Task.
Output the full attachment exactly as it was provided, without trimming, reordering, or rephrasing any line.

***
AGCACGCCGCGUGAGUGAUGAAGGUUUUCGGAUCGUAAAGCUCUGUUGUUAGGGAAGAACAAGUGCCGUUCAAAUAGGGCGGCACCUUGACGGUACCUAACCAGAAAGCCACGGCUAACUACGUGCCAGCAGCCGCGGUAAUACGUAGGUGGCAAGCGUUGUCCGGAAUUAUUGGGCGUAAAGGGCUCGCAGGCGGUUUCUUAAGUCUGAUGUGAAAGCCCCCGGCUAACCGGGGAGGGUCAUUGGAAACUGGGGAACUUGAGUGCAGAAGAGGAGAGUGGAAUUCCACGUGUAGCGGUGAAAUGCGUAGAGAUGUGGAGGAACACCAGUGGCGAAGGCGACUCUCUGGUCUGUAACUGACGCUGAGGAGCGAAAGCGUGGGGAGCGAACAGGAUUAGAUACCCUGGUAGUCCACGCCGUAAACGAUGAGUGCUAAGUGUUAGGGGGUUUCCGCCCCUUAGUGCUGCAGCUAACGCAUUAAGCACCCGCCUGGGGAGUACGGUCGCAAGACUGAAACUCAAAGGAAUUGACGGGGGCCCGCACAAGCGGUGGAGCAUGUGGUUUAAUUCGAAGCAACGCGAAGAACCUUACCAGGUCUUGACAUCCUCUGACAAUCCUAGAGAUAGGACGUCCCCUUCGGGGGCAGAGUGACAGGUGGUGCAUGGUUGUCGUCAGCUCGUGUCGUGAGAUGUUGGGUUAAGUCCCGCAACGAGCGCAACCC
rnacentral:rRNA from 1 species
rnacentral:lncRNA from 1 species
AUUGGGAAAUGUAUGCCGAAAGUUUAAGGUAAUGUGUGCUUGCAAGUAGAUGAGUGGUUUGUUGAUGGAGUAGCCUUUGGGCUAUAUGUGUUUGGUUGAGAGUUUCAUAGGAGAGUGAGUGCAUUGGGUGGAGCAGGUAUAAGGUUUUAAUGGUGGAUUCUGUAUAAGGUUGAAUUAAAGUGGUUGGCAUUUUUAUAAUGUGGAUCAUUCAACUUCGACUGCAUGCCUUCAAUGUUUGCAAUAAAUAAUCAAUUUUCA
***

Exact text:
AGCACGCCGCGUGAGUGAUGAAGGUUUUCGGAUCGUAAAGCUCUGUUGUUAGGGAAGAACAAGUGCCGUUCAAAUAGGGCGGCACCUUGACGGUACCUAACCAGAAAGCCACGGCUAACUACGUGCCAGCAGCCGCGGUAAUACGUAGGUGGCAAGCGUUGUCCGGAAUUAUUGGGCGUAAAGGGCUCGCAGGCGGUUUCUUAAGUCUGAUGUGAAAGCCCCCGGCUAACCGGGGAGGGUCAUUGGAAACUGGGGAACUUGAGUGCAGAAGAGGAGAGUGGAAUUCCACGUGUAGCGGUGAAAUGCGUAGAGAUGUGGAGGAACACCAGUGGCGAAGGCGACUCUCUGGUCUGUAACUGACGCUGAGGAGCGAAAGCGUGGGGAGCGAACAGGAUUAGAUACCCUGGUAGUCCACGCCGUAAACGAUGAGUGCUAAGUGUUAGGGGGUUUCCGCCCCUUAGUGCUGCAGCUAACGCAUUAAGCACCCGCCUGGGGAGUACGGUCGCAAGACUGAAACUCAAAGGAAUUGACGGGGGCCCGCACAAGCGGUGGAGCAUGUGGUUUAAUUCGAAGCAACGCGAAGAACCUUACCAGGUCUUGACAUCCUCUGACAAUCCUAGAGAUAGGACGUCCCCUUCGGGGGCAGAGUGACAGGUGGUGCAUGGUUGUCGUCAGCUCGUGUCGUGAGAUGUUGGGUUAAGUCCCGCAACGAGCGCAACCC
rnacentral:rRNA from 1 species
rnacentral:lncRNA from 1 species
AUUGGGAAAUGUAUGCCGAAAGUUUAAGGUAAUGUGUGCUUGCAAGUAGAUGAGUGGUUUGUUGAUGGAGUAGCCUUUGGGCUAUAUGUGUUUGGUUGAGAGUUUCAUAGGAGAGUGAGUGCAUUGGGUGGAGCAGGUAUAAGGUUUUAAUGGUGGAUUCUGUAUAAGGUUGAAUUAAAGUGGUUGGCAUUUUUAUAAUGUGGAUCAUUCAACUUCGACUGCAUGCCUUCAAUGUUUGCAAUAAAUAAUCAAUUUUCA